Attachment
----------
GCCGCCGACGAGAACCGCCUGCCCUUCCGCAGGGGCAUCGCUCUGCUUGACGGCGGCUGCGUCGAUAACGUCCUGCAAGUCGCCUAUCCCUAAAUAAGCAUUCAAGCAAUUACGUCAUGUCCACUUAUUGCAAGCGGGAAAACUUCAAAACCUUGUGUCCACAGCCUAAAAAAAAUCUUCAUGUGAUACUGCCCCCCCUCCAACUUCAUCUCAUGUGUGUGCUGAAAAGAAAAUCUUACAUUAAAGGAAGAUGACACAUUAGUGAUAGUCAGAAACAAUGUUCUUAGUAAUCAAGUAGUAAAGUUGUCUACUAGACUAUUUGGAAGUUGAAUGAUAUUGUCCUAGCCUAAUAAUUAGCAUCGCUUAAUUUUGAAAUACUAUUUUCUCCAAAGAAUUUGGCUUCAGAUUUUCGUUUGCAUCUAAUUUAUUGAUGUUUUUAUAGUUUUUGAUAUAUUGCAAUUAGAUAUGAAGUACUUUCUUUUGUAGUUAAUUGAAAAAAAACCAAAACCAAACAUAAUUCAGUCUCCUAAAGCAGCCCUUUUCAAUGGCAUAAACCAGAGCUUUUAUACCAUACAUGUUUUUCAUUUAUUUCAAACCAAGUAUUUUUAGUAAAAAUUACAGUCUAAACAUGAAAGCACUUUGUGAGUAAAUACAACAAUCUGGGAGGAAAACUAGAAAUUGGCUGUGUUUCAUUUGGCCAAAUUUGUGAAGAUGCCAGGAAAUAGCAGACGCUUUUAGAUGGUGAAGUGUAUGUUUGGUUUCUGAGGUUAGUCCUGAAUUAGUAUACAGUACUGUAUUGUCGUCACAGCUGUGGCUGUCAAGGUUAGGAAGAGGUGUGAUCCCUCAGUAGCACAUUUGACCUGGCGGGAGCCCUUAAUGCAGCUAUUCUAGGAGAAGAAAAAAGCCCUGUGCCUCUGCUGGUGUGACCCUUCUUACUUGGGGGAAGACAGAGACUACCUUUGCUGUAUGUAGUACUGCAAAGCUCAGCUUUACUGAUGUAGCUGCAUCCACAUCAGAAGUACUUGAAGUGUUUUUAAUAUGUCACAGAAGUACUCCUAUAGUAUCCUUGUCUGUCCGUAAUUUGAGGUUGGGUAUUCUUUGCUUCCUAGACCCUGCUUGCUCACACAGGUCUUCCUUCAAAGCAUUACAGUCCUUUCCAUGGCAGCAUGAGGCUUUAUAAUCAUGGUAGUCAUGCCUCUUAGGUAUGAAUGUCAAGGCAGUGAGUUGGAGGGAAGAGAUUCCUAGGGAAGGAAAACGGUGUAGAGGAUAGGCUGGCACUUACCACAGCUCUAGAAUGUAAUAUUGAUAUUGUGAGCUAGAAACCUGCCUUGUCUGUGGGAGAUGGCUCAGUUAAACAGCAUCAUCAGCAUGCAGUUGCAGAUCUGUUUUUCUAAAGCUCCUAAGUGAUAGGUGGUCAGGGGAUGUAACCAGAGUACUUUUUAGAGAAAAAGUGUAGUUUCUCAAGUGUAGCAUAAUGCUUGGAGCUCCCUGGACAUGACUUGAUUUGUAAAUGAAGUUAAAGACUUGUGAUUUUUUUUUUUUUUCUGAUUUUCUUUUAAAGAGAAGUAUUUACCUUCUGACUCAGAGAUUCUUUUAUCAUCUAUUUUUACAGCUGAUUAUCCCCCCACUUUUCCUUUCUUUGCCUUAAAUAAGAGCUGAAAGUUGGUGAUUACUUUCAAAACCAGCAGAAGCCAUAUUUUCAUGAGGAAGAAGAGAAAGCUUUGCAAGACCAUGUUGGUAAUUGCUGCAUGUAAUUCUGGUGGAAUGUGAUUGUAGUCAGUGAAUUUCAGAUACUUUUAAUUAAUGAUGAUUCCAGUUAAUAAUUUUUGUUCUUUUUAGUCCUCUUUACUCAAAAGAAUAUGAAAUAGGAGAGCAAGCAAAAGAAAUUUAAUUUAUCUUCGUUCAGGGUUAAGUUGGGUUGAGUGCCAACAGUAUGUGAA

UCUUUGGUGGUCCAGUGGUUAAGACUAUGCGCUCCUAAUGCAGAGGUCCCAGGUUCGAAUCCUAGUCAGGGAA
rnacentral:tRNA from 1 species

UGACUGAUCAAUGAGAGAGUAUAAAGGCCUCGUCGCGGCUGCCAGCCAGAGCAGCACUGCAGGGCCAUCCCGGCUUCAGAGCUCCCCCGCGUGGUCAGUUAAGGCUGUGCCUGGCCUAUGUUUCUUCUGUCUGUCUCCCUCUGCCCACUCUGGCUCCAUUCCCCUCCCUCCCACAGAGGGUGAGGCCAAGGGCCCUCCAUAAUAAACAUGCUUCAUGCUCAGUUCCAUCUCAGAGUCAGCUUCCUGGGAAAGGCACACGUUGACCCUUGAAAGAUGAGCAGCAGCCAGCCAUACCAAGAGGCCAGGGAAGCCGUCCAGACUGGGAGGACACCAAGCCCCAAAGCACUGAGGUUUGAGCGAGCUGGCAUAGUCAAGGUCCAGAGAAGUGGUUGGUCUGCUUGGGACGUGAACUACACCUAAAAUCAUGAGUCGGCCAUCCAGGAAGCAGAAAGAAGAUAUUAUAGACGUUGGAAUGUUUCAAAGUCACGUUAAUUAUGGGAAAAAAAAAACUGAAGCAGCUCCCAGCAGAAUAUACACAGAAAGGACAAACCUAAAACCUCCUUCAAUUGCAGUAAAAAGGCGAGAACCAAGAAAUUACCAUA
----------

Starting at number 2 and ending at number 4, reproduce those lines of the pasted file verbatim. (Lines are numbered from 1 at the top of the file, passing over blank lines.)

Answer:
UCUUUGGUGGUCCAGUGGUUAAGACUAUGCGCUCCUAAUGCAGAGGUCCCAGGUUCGAAUCCUAGUCAGGGAA
rnacentral:tRNA from 1 species

UGACUGAUCAAUGAGAGAGUAUAAAGGCCUCGUCGCGGCUGCCAGCCAGAGCAGCACUGCAGGGCCAUCCCGGCUUCAGAGCUCCCCCGCGUGGUCAGUUAAGGCUGUGCCUGGCCUAUGUUUCUUCUGUCUGUCUCCCUCUGCCCACUCUGGCUCCAUUCCCCUCCCUCCCACAGAGGGUGAGGCCAAGGGCCCUCCAUAAUAAACAUGCUUCAUGCUCAGUUCCAUCUCAGAGUCAGCUUCCUGGGAAAGGCACACGUUGACCCUUGAAAGAUGAGCAGCAGCCAGCCAUACCAAGAGGCCAGGGAAGCCGUCCAGACUGGGAGGACACCAAGCCCCAAAGCACUGAGGUUUGAGCGAGCUGGCAUAGUCAAGGUCCAGAGAAGUGGUUGGUCUGCUUGGGACGUGAACUACACCUAAAAUCAUGAGUCGGCCAUCCAGGAAGCAGAAAGAAGAUAUUAUAGACGUUGGAAUGUUUCAAAGUCACGUUAAUUAUGGGAAAAAAAAAACUGAAGCAGCUCCCAGCAGAAUAUACACAGAAAGGACAAACCUAAAACCUCCUUCAAUUGCAGUAAAAAGGCGAGAACCAAGAAAUUACCAUA